law. The existing race tracks, when unprofitable, will be converted into
other, 21st century enterprises, like food courts or affordable housing,
subject to private-sector interest."
The world will be a better place.
The Salem News
Tuesday, April 4, 2006
Slots mean more money for vital state services
By Alan Lupo
There are people who are addicted to legal prescriptions, but we do not
shut down pharmacies.
There are others who are alcoholics, but we do not shutter our package
stores and bars.
There are those who cannot stop playing cards, shooting craps, pulling
that lever on the slot machine, to the point where they endanger their
family finances. So, in the interests of that minority, do we not equip
our failing racetracks with slot machines or deny an Indian tribe the
right to open a casino?
Minority rights are crucial to the operation of a true democracy, but
there are times when the majority must get its way, and allowing slots
and, someday, a casino are crucial to the ongoing operation of this
Would that it were not so. Wouldn't it be nice if the citizens of this
state could and would pony up enough taxes so that our schools, roads,
mass transit, bridges, dams, courts, cops, firefighters, social workers
and all aspects of a caring, civilized society were fully funded?
Hold your breath on that possibility, and you become a Smurf.
If you gamble illegally, then somebody in organized crime is taking a
piece of your action. If you gamble legally, the state gets the skim and
uses it to fund public programs.
This is what happens with the lottery, of course, which took forever to
legalize. Back in the late 1930s and early 1940s, a pol named Francis
Kelly kept pushing for a lottery of sorts, and they gave him the
moniker, "Sweepstakes" Kelly. Well, some made fun of him, but he was
right, and we are better off for it.
This is what will happen, too, if the state allows our four racetracks
to install 2,000 slot machines at each place. Racing is not as popular
as it used to be, so the tracks need a draw. Without it, one or more of
them could go south, along with their employee paychecks, which help the
If they survive because of the slots, the state gets more tax dollars
for cities and towns.
If this liberal columnist had his way, we'd be funding our government
with taxes. But my colleague, Barbara Anderson, has been Rocky Marciano
to my aging Joe Louis. She has won most of the rounds when it comes to
taxes, and I have lost. I know when I am beaten. I am battered and
bruised, and my corner man is telling the referee that I can go on no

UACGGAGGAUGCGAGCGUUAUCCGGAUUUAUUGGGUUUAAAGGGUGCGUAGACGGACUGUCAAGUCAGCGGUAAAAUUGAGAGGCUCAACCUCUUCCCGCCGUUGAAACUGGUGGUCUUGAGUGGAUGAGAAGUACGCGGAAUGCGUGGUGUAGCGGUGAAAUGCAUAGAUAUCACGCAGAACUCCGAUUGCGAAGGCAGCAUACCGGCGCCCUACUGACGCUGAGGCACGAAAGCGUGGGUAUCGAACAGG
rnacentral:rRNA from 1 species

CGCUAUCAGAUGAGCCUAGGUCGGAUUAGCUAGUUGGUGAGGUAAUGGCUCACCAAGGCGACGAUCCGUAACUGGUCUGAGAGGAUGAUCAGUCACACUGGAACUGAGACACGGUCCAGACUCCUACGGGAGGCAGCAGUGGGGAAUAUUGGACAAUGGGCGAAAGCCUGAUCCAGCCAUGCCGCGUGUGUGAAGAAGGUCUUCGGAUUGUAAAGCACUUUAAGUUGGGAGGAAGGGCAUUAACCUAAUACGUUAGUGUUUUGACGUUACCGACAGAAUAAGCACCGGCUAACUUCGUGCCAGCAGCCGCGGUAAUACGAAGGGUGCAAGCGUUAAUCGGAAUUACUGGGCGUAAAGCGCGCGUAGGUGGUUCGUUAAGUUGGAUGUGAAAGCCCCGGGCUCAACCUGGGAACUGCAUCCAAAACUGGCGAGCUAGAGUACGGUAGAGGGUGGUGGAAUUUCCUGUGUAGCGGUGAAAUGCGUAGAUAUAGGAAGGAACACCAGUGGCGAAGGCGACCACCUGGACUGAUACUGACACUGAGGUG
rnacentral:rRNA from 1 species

So, I am reduced to standing in the line at a convenience store with my
half gallon of milk behind somebody who is investing heavily in
megabucks and scratch tickets. For all I know, this guy is probably one
of Barbara's followers, a true believer who has voted against every
Proposition 2½ override in my community, but here he is playing the
odds, which means the state is getting some of his money, which means my
local schools might just get a few buckaroonies.
As for me, I figure gambling is a sucker's game. When I was a kid, we'd
sneak into Suffolk Downs or Wonderland to look at the ponies and
doggies, to make fun of the guys with the cigars surgically attached to
their lips and to look for loose change. I never bet at a track.
I do like slots. My dad and his twin brother used to play the illegal
slots in the back of a variety store, and I would watch for a while and
listen to the soothing sounds of clicks and bells. If we're on a cruise
ship, I might allow myself $20 to lose on the slots.
Card games? Forget about it. Dice? I won't go near the tables.
I grew up with a lot of gambling around me. Even the pinball machines
paid off, illegally of course.
It just never took, but as long as thousands of other citizens are
willing to take their dough down to Connecticut to enrich Native
Americans and that state's coffers, I say bring it all home. Use some of
the money to help people with gambling addictions. Use the rest to pay
for crucial public services.
Let me see that mechanical row of fruit and hear those bells once more.
Alan Lupo is a veteran Boston columnist who writes regularly for
The Salem News
Tuesday, April 4, 2006
Shot machine hype
By Barbara A. L'Italien
The next time a politician or an editorial writer says that legalizing
slot machines is a good idea ask him (or her) three questions:
1. Have you done any fact-checking on the press releases generated by
the gambling industry?
2. Have you actually played a 21st-century slot machine, the kind that
will be installed here in Massachusetts?
3. Will you be one of the people spending over $5,000 a year at the slot